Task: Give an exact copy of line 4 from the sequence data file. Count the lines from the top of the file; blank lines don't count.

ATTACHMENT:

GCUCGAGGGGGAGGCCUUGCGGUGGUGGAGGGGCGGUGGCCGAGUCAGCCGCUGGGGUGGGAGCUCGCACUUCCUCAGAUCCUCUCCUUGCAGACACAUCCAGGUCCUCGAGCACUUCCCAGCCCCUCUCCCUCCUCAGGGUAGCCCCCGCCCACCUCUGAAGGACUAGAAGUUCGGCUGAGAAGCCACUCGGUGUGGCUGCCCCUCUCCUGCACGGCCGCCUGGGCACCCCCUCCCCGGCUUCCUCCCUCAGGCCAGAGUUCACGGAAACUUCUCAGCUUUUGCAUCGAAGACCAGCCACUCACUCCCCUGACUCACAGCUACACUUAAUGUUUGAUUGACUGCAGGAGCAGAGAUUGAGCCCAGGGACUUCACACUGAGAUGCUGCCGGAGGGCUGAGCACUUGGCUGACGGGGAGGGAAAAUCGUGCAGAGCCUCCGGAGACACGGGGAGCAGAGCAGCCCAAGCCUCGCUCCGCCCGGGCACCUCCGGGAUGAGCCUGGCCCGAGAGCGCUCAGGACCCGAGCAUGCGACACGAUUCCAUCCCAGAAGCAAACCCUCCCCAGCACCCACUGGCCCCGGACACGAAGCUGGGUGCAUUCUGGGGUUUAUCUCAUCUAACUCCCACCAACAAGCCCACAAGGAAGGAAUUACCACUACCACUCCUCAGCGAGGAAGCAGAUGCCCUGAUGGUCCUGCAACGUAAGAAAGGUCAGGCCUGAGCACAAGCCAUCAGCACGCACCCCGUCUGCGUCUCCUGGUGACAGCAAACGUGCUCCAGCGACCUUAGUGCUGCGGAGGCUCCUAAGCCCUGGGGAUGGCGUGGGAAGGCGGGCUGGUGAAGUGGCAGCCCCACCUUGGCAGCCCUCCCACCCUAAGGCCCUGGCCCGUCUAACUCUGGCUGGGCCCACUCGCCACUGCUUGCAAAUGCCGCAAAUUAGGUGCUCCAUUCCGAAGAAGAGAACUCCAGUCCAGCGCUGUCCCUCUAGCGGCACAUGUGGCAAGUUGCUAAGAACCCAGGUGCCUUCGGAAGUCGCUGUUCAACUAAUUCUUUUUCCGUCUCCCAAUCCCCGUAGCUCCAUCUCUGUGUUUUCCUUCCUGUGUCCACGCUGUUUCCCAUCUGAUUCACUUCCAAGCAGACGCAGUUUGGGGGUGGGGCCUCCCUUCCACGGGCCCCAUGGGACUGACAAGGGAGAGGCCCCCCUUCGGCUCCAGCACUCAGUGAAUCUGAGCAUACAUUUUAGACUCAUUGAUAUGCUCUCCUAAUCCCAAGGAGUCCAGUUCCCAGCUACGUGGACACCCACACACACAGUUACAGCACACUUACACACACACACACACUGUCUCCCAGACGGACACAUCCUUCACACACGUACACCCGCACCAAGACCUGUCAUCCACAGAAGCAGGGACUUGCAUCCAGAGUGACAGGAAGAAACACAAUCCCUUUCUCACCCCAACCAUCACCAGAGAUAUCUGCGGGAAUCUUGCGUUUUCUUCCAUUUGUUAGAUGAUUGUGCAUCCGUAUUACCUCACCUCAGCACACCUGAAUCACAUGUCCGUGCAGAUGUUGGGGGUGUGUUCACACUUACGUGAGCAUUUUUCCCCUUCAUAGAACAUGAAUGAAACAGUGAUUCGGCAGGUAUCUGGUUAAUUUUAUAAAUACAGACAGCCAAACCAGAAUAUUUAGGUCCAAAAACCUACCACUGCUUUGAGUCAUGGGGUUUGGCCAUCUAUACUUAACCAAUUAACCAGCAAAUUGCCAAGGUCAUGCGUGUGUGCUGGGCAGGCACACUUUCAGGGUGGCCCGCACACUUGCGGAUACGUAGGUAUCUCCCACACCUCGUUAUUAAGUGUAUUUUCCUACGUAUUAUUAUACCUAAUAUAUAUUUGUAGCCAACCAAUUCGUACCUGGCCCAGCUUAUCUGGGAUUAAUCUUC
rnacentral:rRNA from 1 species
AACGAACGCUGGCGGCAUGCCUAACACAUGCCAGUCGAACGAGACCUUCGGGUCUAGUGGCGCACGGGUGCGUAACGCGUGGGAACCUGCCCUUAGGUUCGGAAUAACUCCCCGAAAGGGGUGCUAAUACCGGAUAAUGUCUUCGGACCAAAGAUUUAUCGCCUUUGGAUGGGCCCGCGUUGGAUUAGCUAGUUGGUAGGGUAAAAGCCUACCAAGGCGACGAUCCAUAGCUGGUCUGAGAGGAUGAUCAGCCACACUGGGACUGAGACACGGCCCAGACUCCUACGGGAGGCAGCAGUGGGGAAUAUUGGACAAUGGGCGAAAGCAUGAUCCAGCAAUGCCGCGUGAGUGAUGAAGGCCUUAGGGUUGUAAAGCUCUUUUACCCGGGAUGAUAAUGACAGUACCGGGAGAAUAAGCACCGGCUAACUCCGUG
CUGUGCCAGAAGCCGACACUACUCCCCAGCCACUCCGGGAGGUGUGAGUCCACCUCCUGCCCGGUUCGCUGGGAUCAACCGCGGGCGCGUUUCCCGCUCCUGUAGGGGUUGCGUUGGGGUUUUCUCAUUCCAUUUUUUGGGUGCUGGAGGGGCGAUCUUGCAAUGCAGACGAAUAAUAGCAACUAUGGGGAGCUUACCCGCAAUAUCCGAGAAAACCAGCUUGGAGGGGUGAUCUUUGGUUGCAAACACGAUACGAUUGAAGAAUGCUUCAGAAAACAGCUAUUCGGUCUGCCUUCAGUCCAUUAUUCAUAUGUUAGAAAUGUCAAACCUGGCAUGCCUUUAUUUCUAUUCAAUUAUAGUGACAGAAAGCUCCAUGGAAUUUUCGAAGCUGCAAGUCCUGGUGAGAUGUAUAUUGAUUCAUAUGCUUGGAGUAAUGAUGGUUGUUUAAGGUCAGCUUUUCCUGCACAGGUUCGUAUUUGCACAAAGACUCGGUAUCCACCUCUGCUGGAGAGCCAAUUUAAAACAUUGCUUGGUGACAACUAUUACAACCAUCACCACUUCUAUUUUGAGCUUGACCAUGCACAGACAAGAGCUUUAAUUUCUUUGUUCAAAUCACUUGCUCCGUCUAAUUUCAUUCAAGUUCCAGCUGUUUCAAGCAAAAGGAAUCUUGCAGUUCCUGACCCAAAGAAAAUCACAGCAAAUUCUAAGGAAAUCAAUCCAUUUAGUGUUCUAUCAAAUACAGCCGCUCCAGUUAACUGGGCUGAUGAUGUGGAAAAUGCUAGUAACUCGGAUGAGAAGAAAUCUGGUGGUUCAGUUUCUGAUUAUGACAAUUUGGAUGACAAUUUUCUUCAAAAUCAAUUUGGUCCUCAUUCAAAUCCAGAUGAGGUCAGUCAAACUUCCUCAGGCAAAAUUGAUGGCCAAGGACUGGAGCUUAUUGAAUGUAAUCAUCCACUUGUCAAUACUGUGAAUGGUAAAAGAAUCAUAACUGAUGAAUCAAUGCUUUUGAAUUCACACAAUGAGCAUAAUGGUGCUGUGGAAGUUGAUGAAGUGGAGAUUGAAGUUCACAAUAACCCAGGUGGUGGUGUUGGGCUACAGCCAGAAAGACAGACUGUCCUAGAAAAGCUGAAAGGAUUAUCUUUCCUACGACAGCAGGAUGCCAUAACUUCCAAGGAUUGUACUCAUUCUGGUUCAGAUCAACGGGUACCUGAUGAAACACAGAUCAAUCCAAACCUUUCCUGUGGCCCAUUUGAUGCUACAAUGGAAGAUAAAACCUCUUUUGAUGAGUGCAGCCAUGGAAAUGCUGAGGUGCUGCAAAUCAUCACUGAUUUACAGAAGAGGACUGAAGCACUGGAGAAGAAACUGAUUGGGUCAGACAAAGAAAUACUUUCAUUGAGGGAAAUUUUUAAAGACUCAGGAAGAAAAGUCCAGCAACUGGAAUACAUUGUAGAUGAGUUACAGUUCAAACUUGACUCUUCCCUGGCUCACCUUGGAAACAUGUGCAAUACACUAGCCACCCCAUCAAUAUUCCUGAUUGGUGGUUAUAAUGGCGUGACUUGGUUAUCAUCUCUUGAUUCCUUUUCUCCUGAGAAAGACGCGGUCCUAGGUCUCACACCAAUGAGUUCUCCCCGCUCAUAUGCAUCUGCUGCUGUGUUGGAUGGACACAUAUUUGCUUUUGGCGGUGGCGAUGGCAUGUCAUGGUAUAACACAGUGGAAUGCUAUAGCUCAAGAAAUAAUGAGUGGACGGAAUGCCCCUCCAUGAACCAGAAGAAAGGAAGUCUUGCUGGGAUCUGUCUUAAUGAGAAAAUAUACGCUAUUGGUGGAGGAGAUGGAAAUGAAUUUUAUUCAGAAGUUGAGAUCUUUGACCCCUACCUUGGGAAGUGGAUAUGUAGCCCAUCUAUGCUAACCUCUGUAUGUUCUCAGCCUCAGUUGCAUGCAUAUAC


CUGUGCCAGAAGCCGACACUACUCCCCAGCCACUCCGGGAGGUGUGAGUCCACCUCCUGCCCGGUUCGCUGGGAUCAACCGCGGGCGCGUUUCCCGCUCCUGUAGGGGUUGCGUUGGGGUUUUCUCAUUCCAUUUUUUGGGUGCUGGAGGGGCGAUCUUGCAAUGCAGACGAAUAAUAGCAACUAUGGGGAGCUUACCCGCAAUAUCCGAGAAAACCAGCUUGGAGGGGUGAUCUUUGGUUGCAAACACGAUACGAUUGAAGAAUGCUUCAGAAAACAGCUAUUCGGUCUGCCUUCAGUCCAUUAUUCAUAUGUUAGAAAUGUCAAACCUGGCAUGCCUUUAUUUCUAUUCAAUUAUAGUGACAGAAAGCUCCAUGGAAUUUUCGAAGCUGCAAGUCCUGGUGAGAUGUAUAUUGAUUCAUAUGCUUGGAGUAAUGAUGGUUGUUUAAGGUCAGCUUUUCCUGCACAGGUUCGUAUUUGCACAAAGACUCGGUAUCCACCUCUGCUGGAGAGCCAAUUUAAAACAUUGCUUGGUGACAACUAUUACAACCAUCACCACUUCUAUUUUGAGCUUGACCAUGCACAGACAAGAGCUUUAAUUUCUUUGUUCAAAUCACUUGCUCCGUCUAAUUUCAUUCAAGUUCCAGCUGUUUCAAGCAAAAGGAAUCUUGCAGUUCCUGACCCAAAGAAAAUCACAGCAAAUUCUAAGGAAAUCAAUCCAUUUAGUGUUCUAUCAAAUACAGCCGCUCCAGUUAACUGGGCUGAUGAUGUGGAAAAUGCUAGUAACUCGGAUGAGAAGAAAUCUGGUGGUUCAGUUUCUGAUUAUGACAAUUUGGAUGACAAUUUUCUUCAAAAUCAAUUUGGUCCUCAUUCAAAUCCAGAUGAGGUCAGUCAAACUUCCUCAGGCAAAAUUGAUGGCCAAGGACUGGAGCUUAUUGAAUGUAAUCAUCCACUUGUCAAUACUGUGAAUGGUAAAAGAAUCAUAACUGAUGAAUCAAUGCUUUUGAAUUCACACAAUGAGCAUAAUGGUGCUGUGGAAGUUGAUGAAGUGGAGAUUGAAGUUCACAAUAACCCAGGUGGUGGUGUUGGGCUACAGCCAGAAAGACAGACUGUCCUAGAAAAGCUGAAAGGAUUAUCUUUCCUACGACAGCAGGAUGCCAUAACUUCCAAGGAUUGUACUCAUUCUGGUUCAGAUCAACGGGUACCUGAUGAAACACAGAUCAAUCCAAACCUUUCCUGUGGCCCAUUUGAUGCUACAAUGGAAGAUAAAACCUCUUUUGAUGAGUGCAGCCAUGGAAAUGCUGAGGUGCUGCAAAUCAUCACUGAUUUACAGAAGAGGACUGAAGCACUGGAGAAGAAACUGAUUGGGUCAGACAAAGAAAUACUUUCAUUGAGGGAAAUUUUUAAAGACUCAGGAAGAAAAGUCCAGCAACUGGAAUACAUUGUAGAUGAGUUACAGUUCAAACUUGACUCUUCCCUGGCUCACCUUGGAAACAUGUGCAAUACACUAGCCACCCCAUCAAUAUUCCUGAUUGGUGGUUAUAAUGGCGUGACUUGGUUAUCAUCUCUUGAUUCCUUUUCUCCUGAGAAAGACGCGGUCCUAGGUCUCACACCAAUGAGUUCUCCCCGCUCAUAUGCAUCUGCUGCUGUGUUGGAUGGACACAUAUUUGCUUUUGGCGGUGGCGAUGGCAUGUCAUGGUAUAACACAGUGGAAUGCUAUAGCUCAAGAAAUAAUGAGUGGACGGAAUGCCCCUCCAUGAACCAGAAGAAAGGAAGUCUUGCUGGGAUCUGUCUUAAUGAGAAAAUAUACGCUAUUGGUGGAGGAGAUGGAAAUGAAUUUUAUUCAGAAGUUGAGAUCUUUGACCCCUACCUUGGGAAGUGGAUAUGUAGCCCAUCUAUGCUAACCUCUGUAUGUUCUCAGCCUCAGUUGCAUGCAUAUAC